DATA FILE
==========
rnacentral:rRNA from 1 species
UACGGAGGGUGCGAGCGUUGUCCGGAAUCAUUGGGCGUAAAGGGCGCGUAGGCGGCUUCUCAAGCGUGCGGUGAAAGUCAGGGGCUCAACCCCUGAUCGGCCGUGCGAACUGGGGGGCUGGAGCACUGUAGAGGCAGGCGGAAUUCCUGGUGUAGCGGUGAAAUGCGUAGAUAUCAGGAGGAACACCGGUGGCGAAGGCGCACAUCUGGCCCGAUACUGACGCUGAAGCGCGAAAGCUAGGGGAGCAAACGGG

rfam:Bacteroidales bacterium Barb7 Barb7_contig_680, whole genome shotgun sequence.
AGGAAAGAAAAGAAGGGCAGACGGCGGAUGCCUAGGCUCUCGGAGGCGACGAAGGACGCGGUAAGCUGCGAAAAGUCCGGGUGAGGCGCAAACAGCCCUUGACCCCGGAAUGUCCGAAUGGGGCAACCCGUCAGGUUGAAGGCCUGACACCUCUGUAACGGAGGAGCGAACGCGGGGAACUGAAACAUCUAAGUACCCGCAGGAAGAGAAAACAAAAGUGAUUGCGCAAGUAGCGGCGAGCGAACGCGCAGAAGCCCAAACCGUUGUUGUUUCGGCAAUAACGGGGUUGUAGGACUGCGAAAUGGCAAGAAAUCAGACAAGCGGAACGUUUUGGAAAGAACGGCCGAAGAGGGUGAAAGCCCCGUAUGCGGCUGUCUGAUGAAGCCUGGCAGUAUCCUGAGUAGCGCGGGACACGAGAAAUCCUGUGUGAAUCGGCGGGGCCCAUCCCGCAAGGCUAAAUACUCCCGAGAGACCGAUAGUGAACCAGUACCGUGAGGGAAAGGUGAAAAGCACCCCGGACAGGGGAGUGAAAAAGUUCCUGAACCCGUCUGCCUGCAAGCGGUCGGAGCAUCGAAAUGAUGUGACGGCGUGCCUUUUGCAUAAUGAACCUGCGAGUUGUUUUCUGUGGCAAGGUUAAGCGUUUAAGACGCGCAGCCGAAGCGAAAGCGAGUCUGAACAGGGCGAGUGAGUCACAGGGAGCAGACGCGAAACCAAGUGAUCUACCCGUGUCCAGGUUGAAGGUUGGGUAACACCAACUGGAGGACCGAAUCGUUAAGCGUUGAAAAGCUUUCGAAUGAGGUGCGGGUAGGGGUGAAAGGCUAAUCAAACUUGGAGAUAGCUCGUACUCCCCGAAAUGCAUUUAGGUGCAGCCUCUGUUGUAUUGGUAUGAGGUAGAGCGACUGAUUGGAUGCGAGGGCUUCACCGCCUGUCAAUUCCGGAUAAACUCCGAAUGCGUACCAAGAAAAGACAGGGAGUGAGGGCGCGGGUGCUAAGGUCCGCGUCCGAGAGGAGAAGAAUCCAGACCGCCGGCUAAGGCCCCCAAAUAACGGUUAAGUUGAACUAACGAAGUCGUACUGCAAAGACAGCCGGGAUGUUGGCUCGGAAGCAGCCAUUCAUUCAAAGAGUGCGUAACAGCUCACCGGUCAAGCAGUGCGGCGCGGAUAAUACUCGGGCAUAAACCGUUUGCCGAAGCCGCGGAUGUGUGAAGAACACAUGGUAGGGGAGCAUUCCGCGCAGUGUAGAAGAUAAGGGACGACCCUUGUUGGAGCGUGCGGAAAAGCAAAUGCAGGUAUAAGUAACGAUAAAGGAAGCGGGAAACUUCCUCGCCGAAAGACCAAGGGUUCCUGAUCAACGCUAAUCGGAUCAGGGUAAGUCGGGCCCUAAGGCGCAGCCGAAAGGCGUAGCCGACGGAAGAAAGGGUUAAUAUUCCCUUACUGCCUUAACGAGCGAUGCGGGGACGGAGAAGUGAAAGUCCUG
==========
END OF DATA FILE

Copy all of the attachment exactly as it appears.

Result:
rnacentral:rRNA from 1 species
UACGGAGGGUGCGAGCGUUGUCCGGAAUCAUUGGGCGUAAAGGGCGCGUAGGCGGCUUCUCAAGCGUGCGGUGAAAGUCAGGGGCUCAACCCCUGAUCGGCCGUGCGAACUGGGGGGCUGGAGCACUGUAGAGGCAGGCGGAAUUCCUGGUGUAGCGGUGAAAUGCGUAGAUAUCAGGAGGAACACCGGUGGCGAAGGCGCACAUCUGGCCCGAUACUGACGCUGAAGCGCGAAAGCUAGGGGAGCAAACGGG

rfam:Bacteroidales bacterium Barb7 Barb7_contig_680, whole genome shotgun sequence.
AGGAAAGAAAAGAAGGGCAGACGGCGGAUGCCUAGGCUCUCGGAGGCGACGAAGGACGCGGUAAGCUGCGAAAAGUCCGGGUGAGGCGCAAACAGCCCUUGACCCCGGAAUGUCCGAAUGGGGCAACCCGUCAGGUUGAAGGCCUGACACCUCUGUAACGGAGGAGCGAACGCGGGGAACUGAAACAUCUAAGUACCCGCAGGAAGAGAAAACAAAAGUGAUUGCGCAAGUAGCGGCGAGCGAACGCGCAGAAGCCCAAACCGUUGUUGUUUCGGCAAUAACGGGGUUGUAGGACUGCGAAAUGGCAAGAAAUCAGACAAGCGGAACGUUUUGGAAAGAACGGCCGAAGAGGGUGAAAGCCCCGUAUGCGGCUGUCUGAUGAAGCCUGGCAGUAUCCUGAGUAGCGCGGGACACGAGAAAUCCUGUGUGAAUCGGCGGGGCCCAUCCCGCAAGGCUAAAUACUCCCGAGAGACCGAUAGUGAACCAGUACCGUGAGGGAAAGGUGAAAAGCACCCCGGACAGGGGAGUGAAAAAGUUCCUGAACCCGUCUGCCUGCAAGCGGUCGGAGCAUCGAAAUGAUGUGACGGCGUGCCUUUUGCAUAAUGAACCUGCGAGUUGUUUUCUGUGGCAAGGUUAAGCGUUUAAGACGCGCAGCCGAAGCGAAAGCGAGUCUGAACAGGGCGAGUGAGUCACAGGGAGCAGACGCGAAACCAAGUGAUCUACCCGUGUCCAGGUUGAAGGUUGGGUAACACCAACUGGAGGACCGAAUCGUUAAGCGUUGAAAAGCUUUCGAAUGAGGUGCGGGUAGGGGUGAAAGGCUAAUCAAACUUGGAGAUAGCUCGUACUCCCCGAAAUGCAUUUAGGUGCAGCCUCUGUUGUAUUGGUAUGAGGUAGAGCGACUGAUUGGAUGCGAGGGCUUCACCGCCUGUCAAUUCCGGAUAAACUCCGAAUGCGUACCAAGAAAAGACAGGGAGUGAGGGCGCGGGUGCUAAGGUCCGCGUCCGAGAGGAGAAGAAUCCAGACCGCCGGCUAAGGCCCCCAAAUAACGGUUAAGUUGAACUAACGAAGUCGUACUGCAAAGACAGCCGGGAUGUUGGCUCGGAAGCAGCCAUUCAUUCAAAGAGUGCGUAACAGCUCACCGGUCAAGCAGUGCGGCGCGGAUAAUACUCGGGCAUAAACCGUUUGCCGAAGCCGCGGAUGUGUGAAGAACACAUGGUAGGGGAGCAUUCCGCGCAGUGUAGAAGAUAAGGGACGACCCUUGUUGGAGCGUGCGGAAAAGCAAAUGCAGGUAUAAGUAACGAUAAAGGAAGCGGGAAACUUCCUCGCCGAAAGACCAAGGGUUCCUGAUCAACGCUAAUCGGAUCAGGGUAAGUCGGGCCCUAAGGCGCAGCCGAAAGGCGUAGCCGACGGAAGAAAGGGUUAAUAUUCCCUUACUGCCUUAACGAGCGAUGCGGGGACGGAGAAGUGAAAGUCCUG